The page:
Social media changed after the 2016 presidential election.
“I felt myself getting sucked into feedback loops where I would read something, I would feel outraged about it, [and] I would feel compelled to share it with my friends,” says Yale psychologist Molly Crockett. “I would then be sort of obsessively checking to see whether people had responded, how they had responded, you know, lather, rinse, repeat.”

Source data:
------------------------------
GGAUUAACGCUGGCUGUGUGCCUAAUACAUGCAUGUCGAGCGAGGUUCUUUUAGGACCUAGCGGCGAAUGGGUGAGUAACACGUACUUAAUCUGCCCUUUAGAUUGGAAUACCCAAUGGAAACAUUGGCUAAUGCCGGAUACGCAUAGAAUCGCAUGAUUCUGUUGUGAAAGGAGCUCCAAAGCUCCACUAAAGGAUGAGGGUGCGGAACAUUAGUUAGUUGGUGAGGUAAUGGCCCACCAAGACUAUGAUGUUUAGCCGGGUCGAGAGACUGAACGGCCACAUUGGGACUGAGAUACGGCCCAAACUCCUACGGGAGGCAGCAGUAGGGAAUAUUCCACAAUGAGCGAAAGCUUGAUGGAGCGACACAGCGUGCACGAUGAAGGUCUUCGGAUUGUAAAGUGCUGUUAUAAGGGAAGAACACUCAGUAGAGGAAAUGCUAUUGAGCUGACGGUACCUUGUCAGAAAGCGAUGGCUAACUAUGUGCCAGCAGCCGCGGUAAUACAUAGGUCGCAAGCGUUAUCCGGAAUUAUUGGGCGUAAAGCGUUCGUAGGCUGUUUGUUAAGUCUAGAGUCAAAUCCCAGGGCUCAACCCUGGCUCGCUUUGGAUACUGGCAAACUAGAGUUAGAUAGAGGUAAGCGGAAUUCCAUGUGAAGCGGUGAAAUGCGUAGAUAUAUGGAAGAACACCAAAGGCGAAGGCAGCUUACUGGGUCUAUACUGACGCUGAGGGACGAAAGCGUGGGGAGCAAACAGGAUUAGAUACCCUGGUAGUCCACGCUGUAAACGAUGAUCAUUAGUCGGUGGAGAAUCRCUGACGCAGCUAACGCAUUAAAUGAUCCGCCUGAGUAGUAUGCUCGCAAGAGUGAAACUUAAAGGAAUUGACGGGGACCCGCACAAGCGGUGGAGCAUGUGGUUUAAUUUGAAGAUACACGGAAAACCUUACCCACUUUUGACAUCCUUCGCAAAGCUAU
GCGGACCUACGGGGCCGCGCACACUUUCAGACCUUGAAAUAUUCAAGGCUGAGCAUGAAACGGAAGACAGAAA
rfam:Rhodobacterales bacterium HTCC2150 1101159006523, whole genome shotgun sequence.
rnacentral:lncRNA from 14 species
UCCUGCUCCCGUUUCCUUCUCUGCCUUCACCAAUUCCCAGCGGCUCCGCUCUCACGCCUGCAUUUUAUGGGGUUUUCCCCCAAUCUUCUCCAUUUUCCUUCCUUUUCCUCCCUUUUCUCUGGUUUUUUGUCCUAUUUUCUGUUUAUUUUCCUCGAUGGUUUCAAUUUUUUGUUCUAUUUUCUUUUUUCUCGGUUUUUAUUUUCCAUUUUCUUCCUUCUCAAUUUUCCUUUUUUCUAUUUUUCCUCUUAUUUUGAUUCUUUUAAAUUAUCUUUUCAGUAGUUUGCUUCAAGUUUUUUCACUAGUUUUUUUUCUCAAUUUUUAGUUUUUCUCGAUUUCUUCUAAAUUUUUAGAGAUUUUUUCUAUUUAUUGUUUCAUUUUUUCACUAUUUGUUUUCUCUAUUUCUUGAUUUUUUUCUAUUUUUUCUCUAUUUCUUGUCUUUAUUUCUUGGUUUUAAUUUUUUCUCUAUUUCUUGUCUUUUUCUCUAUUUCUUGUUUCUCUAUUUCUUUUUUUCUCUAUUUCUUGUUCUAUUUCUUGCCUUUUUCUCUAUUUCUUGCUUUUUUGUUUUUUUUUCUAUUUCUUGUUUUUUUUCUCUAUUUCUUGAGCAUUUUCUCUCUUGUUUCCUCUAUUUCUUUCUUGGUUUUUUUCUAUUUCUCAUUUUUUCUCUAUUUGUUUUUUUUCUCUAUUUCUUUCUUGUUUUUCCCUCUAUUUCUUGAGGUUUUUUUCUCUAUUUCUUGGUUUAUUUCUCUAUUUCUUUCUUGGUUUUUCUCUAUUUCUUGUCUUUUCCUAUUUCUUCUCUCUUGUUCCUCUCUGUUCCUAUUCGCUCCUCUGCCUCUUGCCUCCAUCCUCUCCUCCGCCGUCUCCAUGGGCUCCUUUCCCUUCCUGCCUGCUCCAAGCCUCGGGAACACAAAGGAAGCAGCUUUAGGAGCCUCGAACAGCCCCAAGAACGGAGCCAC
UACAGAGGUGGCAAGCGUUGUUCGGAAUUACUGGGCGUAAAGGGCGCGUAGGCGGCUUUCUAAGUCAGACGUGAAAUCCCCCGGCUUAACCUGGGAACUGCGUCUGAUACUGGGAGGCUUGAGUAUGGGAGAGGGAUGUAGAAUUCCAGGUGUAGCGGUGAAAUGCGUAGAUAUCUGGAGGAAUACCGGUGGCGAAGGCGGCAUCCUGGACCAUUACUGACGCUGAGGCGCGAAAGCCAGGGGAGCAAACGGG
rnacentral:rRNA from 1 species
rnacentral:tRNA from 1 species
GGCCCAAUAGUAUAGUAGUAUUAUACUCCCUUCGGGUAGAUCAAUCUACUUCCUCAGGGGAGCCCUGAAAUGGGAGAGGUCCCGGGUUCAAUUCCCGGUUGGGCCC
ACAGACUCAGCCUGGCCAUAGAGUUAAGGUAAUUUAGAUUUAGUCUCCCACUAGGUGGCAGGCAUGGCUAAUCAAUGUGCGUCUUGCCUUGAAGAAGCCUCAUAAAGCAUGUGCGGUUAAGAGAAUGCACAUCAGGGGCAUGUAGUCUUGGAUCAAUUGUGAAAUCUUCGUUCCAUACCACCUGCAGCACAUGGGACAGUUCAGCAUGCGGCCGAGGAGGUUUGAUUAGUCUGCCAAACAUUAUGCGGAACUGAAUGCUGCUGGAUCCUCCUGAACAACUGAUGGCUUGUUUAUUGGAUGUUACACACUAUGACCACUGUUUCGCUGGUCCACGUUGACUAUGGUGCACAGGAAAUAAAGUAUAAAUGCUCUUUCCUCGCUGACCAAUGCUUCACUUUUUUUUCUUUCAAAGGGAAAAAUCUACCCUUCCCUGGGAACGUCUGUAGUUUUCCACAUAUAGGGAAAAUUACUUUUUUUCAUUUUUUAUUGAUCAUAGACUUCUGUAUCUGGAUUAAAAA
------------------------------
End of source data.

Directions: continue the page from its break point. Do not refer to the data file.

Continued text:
Molly remembers feeling outraged in early 2017 by the anti-immigration stance of the Trump administration. She saw a friend post a pro-immigration article. After reading it, Molly decided to share it.
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